Price hikes hit low-income households in Japan

The results of a new survey have revealed the extent to which rising prices are hurting low income households in Japan. Over half of those polled say they have been forced to cut back on the number of meals for their children.

Tokyo-based non-profit organization Kidsdoor polled close to 1,400 low-income households with children up to high-school age. The survey lasted five days through Tuesday.

Eighty-five percent said the price hikes were making their lives "more difficult," with nearly half saying "much more difficult."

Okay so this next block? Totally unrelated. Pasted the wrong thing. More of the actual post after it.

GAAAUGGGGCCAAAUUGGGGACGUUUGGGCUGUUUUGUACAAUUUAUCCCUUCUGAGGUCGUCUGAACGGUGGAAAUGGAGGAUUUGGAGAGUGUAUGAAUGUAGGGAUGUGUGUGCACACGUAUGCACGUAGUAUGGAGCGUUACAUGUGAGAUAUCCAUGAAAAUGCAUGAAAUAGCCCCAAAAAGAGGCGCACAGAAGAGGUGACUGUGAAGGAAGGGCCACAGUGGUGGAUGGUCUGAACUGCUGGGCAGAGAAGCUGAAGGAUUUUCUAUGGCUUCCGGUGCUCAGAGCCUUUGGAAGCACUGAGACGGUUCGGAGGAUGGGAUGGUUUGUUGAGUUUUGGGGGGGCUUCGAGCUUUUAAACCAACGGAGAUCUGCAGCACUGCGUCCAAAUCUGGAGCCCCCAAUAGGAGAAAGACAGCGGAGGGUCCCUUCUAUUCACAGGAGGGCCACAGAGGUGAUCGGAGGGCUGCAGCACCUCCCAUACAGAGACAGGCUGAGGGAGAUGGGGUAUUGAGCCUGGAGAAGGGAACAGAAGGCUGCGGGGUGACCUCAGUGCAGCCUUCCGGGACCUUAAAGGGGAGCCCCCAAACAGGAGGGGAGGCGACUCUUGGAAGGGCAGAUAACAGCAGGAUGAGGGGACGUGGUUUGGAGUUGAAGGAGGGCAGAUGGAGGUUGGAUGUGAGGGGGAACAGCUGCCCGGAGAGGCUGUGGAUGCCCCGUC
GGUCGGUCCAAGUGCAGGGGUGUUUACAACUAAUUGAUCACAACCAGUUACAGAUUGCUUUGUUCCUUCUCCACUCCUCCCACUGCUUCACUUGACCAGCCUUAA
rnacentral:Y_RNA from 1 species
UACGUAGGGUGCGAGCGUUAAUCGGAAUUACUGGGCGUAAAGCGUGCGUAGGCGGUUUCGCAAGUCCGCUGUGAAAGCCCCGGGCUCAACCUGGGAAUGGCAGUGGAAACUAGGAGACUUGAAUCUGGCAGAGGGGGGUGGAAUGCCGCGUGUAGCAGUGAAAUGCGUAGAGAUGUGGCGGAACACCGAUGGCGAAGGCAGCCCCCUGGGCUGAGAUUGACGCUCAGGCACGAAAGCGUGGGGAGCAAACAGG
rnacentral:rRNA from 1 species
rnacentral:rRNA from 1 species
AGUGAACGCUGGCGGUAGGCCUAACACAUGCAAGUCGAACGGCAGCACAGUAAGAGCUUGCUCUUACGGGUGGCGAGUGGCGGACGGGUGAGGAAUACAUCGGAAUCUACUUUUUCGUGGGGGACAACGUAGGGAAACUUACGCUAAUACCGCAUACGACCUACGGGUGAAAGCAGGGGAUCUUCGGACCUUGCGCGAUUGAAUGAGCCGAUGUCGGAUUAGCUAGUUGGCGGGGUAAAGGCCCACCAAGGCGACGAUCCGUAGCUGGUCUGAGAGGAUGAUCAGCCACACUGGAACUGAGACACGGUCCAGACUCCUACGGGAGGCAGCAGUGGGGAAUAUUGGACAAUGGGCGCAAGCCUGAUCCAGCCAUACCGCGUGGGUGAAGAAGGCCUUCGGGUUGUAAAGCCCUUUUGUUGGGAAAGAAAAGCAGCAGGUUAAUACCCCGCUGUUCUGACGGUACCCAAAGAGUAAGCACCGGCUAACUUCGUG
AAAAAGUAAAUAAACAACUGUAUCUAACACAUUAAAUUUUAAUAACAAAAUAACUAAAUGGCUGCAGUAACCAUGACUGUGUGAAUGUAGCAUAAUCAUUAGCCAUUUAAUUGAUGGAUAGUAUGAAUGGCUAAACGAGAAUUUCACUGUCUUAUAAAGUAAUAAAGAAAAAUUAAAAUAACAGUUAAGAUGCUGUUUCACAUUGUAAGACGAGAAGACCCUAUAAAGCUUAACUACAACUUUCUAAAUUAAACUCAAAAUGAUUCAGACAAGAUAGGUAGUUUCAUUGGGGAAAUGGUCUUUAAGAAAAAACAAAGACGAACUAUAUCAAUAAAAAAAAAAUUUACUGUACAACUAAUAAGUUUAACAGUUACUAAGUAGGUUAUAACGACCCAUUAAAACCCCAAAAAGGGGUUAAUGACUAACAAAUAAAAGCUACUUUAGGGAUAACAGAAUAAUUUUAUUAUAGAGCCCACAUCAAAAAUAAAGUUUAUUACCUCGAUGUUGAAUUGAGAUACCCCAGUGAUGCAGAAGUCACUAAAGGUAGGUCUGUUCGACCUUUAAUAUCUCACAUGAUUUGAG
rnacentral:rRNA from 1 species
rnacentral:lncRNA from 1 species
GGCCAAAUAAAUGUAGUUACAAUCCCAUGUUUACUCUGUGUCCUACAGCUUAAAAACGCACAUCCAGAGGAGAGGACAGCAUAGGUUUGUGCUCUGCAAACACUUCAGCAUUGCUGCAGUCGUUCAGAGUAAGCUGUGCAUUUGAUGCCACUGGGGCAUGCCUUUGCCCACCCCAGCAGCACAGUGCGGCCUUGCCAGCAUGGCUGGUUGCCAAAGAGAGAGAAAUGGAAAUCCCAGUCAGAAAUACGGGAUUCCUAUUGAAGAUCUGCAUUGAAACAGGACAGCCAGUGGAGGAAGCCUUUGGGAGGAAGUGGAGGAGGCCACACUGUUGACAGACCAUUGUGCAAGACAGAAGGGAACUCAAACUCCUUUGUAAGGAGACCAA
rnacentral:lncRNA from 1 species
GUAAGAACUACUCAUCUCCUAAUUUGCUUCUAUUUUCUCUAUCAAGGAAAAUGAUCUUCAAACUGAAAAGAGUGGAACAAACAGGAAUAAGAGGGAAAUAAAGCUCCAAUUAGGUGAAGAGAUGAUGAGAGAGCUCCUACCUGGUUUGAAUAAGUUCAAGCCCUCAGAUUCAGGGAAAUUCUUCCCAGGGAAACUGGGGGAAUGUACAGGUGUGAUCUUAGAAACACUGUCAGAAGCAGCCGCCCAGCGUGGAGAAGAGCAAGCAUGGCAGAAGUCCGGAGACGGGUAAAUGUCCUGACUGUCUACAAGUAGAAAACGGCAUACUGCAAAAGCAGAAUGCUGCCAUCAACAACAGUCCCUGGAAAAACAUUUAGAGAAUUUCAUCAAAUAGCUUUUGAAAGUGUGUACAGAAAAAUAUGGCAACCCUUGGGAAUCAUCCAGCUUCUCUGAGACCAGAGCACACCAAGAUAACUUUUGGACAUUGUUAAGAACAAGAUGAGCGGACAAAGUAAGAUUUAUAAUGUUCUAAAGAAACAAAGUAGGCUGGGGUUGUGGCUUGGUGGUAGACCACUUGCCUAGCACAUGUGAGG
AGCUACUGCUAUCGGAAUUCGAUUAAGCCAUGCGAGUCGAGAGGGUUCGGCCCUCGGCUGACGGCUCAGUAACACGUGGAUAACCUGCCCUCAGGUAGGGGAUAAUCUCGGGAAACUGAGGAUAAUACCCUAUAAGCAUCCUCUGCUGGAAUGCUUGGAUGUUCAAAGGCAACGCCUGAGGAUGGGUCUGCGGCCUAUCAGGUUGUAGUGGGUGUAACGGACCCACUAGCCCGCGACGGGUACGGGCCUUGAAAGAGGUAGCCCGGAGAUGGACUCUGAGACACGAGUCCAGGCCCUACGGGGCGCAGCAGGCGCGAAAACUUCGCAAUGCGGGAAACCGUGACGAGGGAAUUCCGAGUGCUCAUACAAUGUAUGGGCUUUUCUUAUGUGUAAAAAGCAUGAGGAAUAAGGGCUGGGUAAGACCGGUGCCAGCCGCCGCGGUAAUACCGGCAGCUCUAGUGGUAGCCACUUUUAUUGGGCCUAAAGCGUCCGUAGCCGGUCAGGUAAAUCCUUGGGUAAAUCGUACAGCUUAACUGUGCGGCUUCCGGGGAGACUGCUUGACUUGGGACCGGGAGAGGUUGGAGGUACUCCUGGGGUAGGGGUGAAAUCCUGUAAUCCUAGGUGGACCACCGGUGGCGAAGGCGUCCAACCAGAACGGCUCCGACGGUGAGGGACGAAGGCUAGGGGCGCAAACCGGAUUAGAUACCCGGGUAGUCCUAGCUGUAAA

Sixty-four percent said they could no longer afford to give their children nutritionally balanced meals. Sixty percent said they had to give their children fewer meals overall. Thirty-seven percent said they could no longer buy meat or fish.

"People were already struggling with the pandemic, and now the price hikes are making it even harder to make ends meet," said Watanabe Yumiko, Board Chair of Kidsdoor. "We must help these people. This is getting serious."

Kidsdoor says it plans to offer food aid to struggling families with children starting in July. It will launch a crowd-funding campaign to gather donations next Monday.